Arkansas voters will have their say on whether to legalize casino gambling in the state, after the state’s highest court struck down a pair of legal challenges by casino opponents.
On Thursday, the Arkansas Supreme Court dismissed two lawsuits seeking to block the casino question on this November’s election ballot. The question, known as Issue 4, asks voters whether they want to amend the state constitution to okay two new casinos and expand gaming options at two existing racetrack casinos.
Issue 4 was installed on the ballot following a petition drive by Driving Arkansas Forward (DAF), a lobby group funded by two Oklahoma tribal groups, the Quapaw tribe’s Downstream Development Authority and the Cherokee Nation Businesses LLC.
Issue 4 was challenged by Ensuring Arkansas’ Future, a rival lobby group consisting largely of faith-based groups who claimed the question’s wording was ambiguous and forced voters to “speculate” on what voting ‘yes’ would mean for the state.
Citizens for Local Choice, a group consisting of residents of the four Arkansas counties that would be directly affected by a ‘yes’ vote, filed its own challenge of Issue 4. This suit charged that the ballot title and popular name of the proposed amendment didn’t sufficiently describe the details of the gaming changes.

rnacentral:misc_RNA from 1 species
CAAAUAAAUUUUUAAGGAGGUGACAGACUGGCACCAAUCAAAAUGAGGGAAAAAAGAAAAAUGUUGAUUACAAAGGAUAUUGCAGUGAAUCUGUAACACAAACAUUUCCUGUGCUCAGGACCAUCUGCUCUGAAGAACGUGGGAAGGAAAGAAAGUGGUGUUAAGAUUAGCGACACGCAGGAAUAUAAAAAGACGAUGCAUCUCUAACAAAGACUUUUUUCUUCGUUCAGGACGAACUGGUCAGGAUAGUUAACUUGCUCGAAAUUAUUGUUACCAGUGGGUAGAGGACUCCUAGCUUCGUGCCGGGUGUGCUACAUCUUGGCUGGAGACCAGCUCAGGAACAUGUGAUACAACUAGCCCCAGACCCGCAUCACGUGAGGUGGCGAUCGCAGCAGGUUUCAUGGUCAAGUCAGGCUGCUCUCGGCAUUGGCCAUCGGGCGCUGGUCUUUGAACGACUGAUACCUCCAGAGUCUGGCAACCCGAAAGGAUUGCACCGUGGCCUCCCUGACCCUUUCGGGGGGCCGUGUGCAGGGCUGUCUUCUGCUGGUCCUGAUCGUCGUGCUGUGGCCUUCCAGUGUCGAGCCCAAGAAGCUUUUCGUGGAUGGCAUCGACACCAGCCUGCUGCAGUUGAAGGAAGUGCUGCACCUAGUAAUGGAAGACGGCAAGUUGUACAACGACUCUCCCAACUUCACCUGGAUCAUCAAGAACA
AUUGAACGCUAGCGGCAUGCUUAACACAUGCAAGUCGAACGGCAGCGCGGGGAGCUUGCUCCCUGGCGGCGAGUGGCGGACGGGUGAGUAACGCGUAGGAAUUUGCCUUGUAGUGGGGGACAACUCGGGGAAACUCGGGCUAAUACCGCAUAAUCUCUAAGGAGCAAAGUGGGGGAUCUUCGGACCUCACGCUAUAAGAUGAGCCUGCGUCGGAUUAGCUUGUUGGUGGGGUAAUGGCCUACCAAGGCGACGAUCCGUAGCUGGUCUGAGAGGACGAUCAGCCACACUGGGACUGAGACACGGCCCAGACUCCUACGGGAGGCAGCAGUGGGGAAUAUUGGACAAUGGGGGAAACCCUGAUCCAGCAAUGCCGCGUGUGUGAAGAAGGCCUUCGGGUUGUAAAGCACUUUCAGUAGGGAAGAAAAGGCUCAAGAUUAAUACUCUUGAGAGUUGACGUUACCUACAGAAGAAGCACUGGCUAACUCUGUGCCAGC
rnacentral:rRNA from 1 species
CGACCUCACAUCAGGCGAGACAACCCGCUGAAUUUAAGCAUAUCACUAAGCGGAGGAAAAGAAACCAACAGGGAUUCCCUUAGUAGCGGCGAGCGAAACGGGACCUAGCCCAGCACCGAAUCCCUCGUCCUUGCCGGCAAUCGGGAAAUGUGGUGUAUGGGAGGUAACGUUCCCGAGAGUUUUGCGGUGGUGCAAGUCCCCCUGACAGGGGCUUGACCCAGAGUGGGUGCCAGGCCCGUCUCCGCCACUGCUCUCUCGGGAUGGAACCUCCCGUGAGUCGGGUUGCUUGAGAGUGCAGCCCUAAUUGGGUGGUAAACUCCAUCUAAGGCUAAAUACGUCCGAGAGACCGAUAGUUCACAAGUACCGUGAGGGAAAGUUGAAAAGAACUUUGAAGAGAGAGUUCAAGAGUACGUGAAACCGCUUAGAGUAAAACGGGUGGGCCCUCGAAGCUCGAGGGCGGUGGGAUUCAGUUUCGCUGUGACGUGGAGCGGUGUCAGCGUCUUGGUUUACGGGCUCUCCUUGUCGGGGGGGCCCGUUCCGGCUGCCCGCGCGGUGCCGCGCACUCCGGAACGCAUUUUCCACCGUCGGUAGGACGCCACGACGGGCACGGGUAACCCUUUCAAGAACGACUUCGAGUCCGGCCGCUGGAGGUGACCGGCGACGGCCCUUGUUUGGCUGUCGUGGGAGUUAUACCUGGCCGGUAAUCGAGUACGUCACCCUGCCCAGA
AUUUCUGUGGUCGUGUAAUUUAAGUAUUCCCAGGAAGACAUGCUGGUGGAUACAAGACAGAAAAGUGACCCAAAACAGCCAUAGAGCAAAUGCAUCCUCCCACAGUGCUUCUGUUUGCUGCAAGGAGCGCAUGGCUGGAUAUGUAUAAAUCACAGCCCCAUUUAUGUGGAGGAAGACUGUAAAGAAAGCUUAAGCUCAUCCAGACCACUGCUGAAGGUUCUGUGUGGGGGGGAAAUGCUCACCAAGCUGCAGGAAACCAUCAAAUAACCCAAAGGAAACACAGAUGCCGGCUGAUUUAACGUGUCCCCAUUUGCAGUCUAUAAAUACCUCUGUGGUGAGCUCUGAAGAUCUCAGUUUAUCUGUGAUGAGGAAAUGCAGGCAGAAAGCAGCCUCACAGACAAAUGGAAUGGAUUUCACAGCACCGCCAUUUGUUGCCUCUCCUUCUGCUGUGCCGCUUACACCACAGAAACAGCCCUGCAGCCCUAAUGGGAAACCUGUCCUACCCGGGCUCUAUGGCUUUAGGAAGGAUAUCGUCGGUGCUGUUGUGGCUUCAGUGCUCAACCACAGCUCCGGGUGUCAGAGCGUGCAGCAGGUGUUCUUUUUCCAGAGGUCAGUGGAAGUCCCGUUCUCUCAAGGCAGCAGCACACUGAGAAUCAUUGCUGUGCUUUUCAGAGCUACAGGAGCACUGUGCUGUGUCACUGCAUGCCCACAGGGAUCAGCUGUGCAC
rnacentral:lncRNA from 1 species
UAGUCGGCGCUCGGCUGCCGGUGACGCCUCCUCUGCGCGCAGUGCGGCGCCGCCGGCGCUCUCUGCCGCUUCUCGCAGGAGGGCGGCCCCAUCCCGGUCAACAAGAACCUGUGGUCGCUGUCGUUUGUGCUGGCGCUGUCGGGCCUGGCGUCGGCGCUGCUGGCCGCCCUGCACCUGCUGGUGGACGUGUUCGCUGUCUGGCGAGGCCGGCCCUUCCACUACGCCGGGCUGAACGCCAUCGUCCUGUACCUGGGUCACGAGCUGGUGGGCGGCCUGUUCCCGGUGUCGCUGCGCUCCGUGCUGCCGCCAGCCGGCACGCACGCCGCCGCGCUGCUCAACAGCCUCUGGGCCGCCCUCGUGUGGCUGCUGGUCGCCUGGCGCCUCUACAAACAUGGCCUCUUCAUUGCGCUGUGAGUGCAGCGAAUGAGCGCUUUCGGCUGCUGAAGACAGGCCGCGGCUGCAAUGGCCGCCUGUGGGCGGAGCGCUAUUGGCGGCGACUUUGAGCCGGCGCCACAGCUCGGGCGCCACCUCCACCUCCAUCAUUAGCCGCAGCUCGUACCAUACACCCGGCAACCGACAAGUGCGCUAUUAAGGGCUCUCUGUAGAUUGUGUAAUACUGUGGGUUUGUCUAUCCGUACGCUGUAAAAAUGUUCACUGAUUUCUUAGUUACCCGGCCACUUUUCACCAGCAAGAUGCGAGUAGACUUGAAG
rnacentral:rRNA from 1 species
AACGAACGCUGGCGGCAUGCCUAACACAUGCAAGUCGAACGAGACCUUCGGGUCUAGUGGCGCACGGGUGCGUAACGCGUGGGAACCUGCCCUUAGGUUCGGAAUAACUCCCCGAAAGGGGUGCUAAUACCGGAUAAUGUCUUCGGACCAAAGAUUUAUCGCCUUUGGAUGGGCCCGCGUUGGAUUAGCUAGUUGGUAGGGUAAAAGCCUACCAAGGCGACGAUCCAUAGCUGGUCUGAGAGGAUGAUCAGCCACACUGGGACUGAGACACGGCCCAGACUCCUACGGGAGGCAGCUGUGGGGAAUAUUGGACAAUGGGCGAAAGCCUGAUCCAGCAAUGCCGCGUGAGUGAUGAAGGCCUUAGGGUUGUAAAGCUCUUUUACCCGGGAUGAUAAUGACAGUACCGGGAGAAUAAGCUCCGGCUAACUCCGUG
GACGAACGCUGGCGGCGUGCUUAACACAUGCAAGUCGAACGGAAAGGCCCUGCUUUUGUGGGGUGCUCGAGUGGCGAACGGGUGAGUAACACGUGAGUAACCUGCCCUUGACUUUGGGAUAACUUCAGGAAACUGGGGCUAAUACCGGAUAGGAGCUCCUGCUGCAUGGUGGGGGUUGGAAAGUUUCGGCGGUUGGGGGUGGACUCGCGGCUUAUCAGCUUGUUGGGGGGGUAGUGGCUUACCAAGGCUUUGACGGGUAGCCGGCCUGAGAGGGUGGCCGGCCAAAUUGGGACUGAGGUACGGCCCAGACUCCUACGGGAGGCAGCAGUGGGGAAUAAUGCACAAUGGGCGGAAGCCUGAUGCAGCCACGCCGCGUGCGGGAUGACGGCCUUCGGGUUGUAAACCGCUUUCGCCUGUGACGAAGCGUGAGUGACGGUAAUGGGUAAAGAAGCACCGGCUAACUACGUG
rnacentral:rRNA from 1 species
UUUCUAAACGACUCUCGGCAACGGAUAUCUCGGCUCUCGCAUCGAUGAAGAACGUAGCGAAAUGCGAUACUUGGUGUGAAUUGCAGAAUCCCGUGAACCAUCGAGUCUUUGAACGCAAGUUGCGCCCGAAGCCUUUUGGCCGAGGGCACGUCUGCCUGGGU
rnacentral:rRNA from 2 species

On Thursday, the Supreme Court dismissed both suits, saying previous cases had established that a ballot title “does not need to include every possible consequence or impact of a proposed measure,” and that the ballot title “sufficiently informs the public of the amendment’s purpose and scope and its consequences.” The Court similarly ruled that Issue 4’s wording was sufficiently plain to ensure voters could make intelligent and informed decisions.
Understandably, corks were popping down at DAF headquarters, where counsel Nate Steel issued a statement thanking the Court and predicting that Arkansas voters would “vote to keep casino entertainment dollars in our state when they cast their ballots on November 6.”
As written, Issue 4 could also open up the state for legal sports betting at the four gaming venues by redefining ‘casino gaming’ to include wagering. A similar sports betting provision was responsible for the Arkansas Supreme Court striking down the last attempt at a casino ballot question in 2016, prior to the US Supreme Court’s dismantling of the federal betting ban this spring.